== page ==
Burn pits were relied upon heavily during the conflicts in Iraq and Afghanistan, particularly in the earliest years of the wars. The military has cited expediency as the major factor as incinerators or landfills may not have been readily available, especially when a base has just opened.




All of this week's top headlines to your email every Friday.


 
 

 

Headlines August 28, 2014

News: After F-15 jet crash in Virginia, rescue helicopters search for pilot - Helicopters are searching for an Air National Guard pilot after his F-15 jet crashed in the mountains of Virginia this morning, military officials said.   Business: U.S. Air Force 3DELRR contract expected soon - The U.S. Air Force could award the contract for its...
 
 

News Briefs August 28, 2014

Russian directing new offensive in Ukraine The Obama administration believes Russia is leading a new military counteroffensive in Ukraine. U.S. State Department spokeswoman Jen Psaki says Russia has sent additional columns of tanks and armored vehicles into its neighbor’s territory. She says the incursions suggest a ìRussian-directed counteroffensive is likely underway in the contested e...
 
 
LM-C5

Double Deuce

A U.S. Air Force crew ferried the 22nd C-5M Super Galaxy from the Lockheed Martin facilities in Marietta, Ga., Aug. 25. Aircraft 86-0011 was ferried by a crew led by Maj. Gen. Dwyer L. Dennis, Director, Global Reach Programs, O...
 

 
Northrop Grumman photograph

First ever RQ-4 Global Hawk hits 100th flight on NASA mission

Northrop Grumman photograph A historical look at the first Global Hawk (AV1) during its maiden flight over Edwards Air Force Base, Calif., on Feb. 28, 1998. AV1 has made history again with its 100th flight in support of NASA en...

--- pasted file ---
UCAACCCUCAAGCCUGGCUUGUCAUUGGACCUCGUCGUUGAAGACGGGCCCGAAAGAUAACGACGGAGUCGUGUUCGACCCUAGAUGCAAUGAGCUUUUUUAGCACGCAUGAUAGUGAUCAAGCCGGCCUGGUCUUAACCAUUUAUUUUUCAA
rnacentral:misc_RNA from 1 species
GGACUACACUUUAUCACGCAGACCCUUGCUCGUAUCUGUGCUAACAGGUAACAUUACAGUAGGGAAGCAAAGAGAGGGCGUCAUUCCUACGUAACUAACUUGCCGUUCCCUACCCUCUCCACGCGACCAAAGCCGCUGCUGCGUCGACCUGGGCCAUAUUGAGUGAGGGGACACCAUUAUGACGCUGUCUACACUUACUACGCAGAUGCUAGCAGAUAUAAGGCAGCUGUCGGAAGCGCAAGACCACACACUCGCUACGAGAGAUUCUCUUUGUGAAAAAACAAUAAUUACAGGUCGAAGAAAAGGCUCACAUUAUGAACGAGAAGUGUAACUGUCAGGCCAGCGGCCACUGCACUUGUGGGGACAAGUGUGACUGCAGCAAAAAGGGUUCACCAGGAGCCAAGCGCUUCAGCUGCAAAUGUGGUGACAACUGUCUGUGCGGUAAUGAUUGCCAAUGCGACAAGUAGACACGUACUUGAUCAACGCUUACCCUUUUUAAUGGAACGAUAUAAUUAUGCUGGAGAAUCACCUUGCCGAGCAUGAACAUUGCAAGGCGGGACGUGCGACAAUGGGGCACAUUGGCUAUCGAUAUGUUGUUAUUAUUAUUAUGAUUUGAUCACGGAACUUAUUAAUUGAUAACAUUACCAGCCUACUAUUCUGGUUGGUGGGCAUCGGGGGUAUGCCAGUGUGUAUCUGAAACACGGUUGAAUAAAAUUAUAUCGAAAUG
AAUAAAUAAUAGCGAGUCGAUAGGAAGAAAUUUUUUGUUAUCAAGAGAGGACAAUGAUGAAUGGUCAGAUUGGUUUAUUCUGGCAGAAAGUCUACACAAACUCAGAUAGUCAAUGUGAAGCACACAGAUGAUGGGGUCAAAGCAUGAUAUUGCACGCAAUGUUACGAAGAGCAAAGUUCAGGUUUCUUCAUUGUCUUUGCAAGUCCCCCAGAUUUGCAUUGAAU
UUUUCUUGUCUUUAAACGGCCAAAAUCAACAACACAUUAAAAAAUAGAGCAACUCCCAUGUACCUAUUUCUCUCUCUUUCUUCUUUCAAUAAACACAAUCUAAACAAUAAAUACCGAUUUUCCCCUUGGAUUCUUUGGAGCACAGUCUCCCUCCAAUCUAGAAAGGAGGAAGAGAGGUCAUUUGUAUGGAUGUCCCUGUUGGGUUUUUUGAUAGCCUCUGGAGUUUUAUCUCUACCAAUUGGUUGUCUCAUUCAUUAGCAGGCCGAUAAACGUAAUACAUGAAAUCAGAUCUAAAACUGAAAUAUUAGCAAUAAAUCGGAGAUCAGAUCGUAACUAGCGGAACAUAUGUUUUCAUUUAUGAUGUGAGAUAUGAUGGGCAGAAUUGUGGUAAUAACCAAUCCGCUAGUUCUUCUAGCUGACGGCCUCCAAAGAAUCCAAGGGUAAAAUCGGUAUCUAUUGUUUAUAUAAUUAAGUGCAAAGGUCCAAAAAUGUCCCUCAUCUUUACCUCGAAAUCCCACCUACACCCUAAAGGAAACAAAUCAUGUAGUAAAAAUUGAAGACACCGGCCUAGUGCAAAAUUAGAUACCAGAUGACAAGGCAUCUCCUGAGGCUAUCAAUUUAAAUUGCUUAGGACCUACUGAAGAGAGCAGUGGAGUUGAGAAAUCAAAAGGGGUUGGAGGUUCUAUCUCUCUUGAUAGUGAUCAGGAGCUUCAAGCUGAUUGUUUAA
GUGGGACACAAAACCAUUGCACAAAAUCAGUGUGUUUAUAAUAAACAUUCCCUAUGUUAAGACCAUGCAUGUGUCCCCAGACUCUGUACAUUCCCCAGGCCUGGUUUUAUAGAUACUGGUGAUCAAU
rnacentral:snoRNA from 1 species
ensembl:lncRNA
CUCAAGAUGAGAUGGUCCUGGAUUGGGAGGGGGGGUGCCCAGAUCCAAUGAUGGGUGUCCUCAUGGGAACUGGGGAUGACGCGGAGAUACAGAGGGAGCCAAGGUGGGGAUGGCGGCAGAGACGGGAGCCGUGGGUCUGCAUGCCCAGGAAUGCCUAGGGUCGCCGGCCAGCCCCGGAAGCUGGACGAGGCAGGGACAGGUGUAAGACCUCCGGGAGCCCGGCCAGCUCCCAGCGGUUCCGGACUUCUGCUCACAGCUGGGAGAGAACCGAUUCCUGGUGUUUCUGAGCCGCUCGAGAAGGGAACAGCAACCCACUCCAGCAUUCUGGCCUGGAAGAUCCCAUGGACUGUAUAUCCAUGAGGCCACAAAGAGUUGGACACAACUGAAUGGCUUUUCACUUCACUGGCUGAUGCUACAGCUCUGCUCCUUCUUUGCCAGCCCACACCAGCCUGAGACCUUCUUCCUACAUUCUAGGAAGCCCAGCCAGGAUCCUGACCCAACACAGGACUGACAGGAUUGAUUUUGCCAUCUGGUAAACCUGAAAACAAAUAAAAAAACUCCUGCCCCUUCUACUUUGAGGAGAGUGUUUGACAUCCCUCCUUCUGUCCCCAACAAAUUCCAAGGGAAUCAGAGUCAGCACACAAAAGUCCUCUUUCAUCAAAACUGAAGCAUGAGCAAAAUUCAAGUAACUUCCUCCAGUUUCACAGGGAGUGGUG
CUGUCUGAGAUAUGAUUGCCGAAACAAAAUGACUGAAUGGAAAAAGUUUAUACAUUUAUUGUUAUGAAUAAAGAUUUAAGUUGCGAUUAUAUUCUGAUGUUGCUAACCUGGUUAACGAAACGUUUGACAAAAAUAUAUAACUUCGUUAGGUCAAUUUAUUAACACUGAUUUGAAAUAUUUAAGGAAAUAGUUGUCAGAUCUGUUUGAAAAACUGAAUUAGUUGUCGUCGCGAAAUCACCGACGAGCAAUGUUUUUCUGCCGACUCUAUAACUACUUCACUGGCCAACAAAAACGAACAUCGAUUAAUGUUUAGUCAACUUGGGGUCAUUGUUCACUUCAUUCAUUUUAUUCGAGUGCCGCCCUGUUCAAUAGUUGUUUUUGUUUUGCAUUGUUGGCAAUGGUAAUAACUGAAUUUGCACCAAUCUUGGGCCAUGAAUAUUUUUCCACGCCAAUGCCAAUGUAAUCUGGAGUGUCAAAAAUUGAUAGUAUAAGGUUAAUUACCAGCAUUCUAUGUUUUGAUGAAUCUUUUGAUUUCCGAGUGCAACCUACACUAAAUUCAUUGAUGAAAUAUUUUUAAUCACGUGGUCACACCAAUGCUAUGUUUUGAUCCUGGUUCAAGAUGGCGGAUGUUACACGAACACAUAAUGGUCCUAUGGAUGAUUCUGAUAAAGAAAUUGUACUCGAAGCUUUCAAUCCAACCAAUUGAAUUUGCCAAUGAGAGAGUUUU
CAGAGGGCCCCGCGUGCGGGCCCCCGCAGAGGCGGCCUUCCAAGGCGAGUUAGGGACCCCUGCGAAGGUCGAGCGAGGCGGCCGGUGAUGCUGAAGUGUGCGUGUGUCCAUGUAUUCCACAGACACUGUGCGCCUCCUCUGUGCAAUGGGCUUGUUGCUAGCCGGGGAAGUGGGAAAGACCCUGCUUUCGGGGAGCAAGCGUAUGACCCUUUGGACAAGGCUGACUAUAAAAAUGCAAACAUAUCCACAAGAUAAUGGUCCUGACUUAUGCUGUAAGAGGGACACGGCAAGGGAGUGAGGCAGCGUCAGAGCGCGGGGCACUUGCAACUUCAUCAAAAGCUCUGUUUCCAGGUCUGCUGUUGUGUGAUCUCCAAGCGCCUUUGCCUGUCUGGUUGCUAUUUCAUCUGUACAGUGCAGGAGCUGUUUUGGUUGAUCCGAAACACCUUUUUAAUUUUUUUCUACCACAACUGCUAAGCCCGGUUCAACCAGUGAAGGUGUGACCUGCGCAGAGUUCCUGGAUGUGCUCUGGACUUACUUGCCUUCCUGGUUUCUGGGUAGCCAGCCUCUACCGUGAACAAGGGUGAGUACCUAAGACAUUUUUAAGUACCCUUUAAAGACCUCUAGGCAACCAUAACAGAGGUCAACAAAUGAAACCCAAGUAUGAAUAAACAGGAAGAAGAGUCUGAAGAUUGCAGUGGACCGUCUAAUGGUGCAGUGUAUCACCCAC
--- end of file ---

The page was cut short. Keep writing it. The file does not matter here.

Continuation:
Northrop Grumman’s CIRCM system completes U.S. Army flight testing

Northrop Grumman’s Common Infrared Countermeasures system recently completed another round of U.S. Army testing by demonstrating its capabilities on a UH-60M Black Hawk helicopter. The flight test was conducted at Redstone Arsenal in Huntsville, Ala., by the Redstone Test Center. The Northrop Grumman CIRCM system was subjected to rigorous conditions over a six-week period, after...
 
 
NASA photograph by David Olive

NASA completes successful battery of tests on composite cryotank

https://www.youtube.com/embed/qkGI6JeNY0E?enablejsapi=1&rel=0 NASA photograph by David Olive One of the largest composite cryotanks ever built recently completed a battery of tests at NASA’s Marshall Space Flight Cen...
 




0 Comments


Be the first to comment!


Leave a Reply

Your email address will not be published. Required fields are marked *

You may use these HTML tags and attributes: <a href="" title=""> <abbr title=""> <acronym title=""> <b> <blockquote cite=""> <cite> <code> <del datetime=""> <em> <i> <q cite=""> <strike> <strong>